It all adds up to people not really caring much at all about the suffering that they could change, if they took political action – suffering and terror inflicted in their name. Chomsky’s use of the term “terrorism” relates to the low-intensity wars that the US was advancing during the 80s, using CIA support. It could be applied to the war on terror though.
To wrap it up, my opinions on the subject vary somewhat from the logical moral conclusion of the analysis. That’s a fancy way of saying, I’m not anti-war, nor am I anti-intervention. I am also greedy and lazy. I want cheap clothes and I want cheap gas. However, that means I want the American people to really, really think about the cost-effectiveness of what their country gets involved with and their role in endorsing it by political consent.
What bothers me is the irrationality that many citizens apply to America’s war-making. The War on Terror’s an excellent example. The American people lusted for payback and security after 9/11, and that’s entirely logical. Where the moral and logical premise jumped the tracks is when the U.S.A. took a “pre-emptive” strategy toward threats.
Many would argue, “Shit, we have to nail them before they do us.” But think of the cost of that. Afghanistan is a historic sinkhole of resources that empires from Alexander to the British tried to “pacify” or “enlighten” to ridiculous lack of success and terrific squandering of lives, pain and cash. If one makes the argument, “Well, America can do it – we’re wealthy and clever,” then, okay, just check out the price tag. Don’t get into a mess like Afghanistan or Iraq without realizing that to actually win would take more than a credit card and a pep rally. It’d take brutal counter-insurgency operations, a tremendous enlargement of the military and decades of commitment to not just taking lives in Afghanistan but improving them vastly.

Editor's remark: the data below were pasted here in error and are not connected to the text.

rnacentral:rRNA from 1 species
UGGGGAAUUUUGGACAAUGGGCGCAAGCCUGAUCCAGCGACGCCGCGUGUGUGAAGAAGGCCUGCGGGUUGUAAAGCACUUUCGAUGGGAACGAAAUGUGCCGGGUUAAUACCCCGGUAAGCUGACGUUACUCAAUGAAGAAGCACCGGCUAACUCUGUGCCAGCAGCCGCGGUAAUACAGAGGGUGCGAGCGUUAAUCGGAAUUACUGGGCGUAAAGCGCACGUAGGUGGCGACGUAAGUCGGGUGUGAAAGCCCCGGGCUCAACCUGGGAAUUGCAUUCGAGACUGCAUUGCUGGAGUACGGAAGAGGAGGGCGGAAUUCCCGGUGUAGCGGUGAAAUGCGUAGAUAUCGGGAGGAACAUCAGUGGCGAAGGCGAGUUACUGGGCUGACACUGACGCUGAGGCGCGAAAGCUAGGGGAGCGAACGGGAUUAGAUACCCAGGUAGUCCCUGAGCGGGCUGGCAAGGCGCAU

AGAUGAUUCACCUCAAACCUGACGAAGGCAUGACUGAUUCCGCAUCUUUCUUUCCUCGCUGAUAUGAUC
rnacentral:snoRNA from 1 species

But people don’t think logically or economically. They just see burkhas and honor killings and think we have to intervene. They see evil and want good to win. Well, the sad news is that evil is all over the place. And if a nation changes strategy from “we have to pursue our political and economic interests” to “we have to hunt down evil and destroy it,” then there are a lot more threatening evils than where we’re involved: North Korea, Uganda and Myanmar just to rattle off three monstrous nations.
So that’s the point of war and horror: That we have to understand it to engage it. That’s what my writing is about and that’s what I’d like to see change in political awareness. It won’t happen, though. People have too much other shit to worry about than thinking about who stitches their Nikes or whether fighting Al-Qaeda, a Saudi-based outfit, in Afghanistan, a nation that’s not even Arab let alone Saudi, makes any sense.
Chomsky uses the term ‘Manufacturing Consent’ when referring to the notion that mass media is prejudiced in its coverage of politics by its economic interests. What do you think of this and the implication that we inhabit a fictional landscape sold as fact which is aimed at manipulating us and supporting political agendas most civilians have no idea about?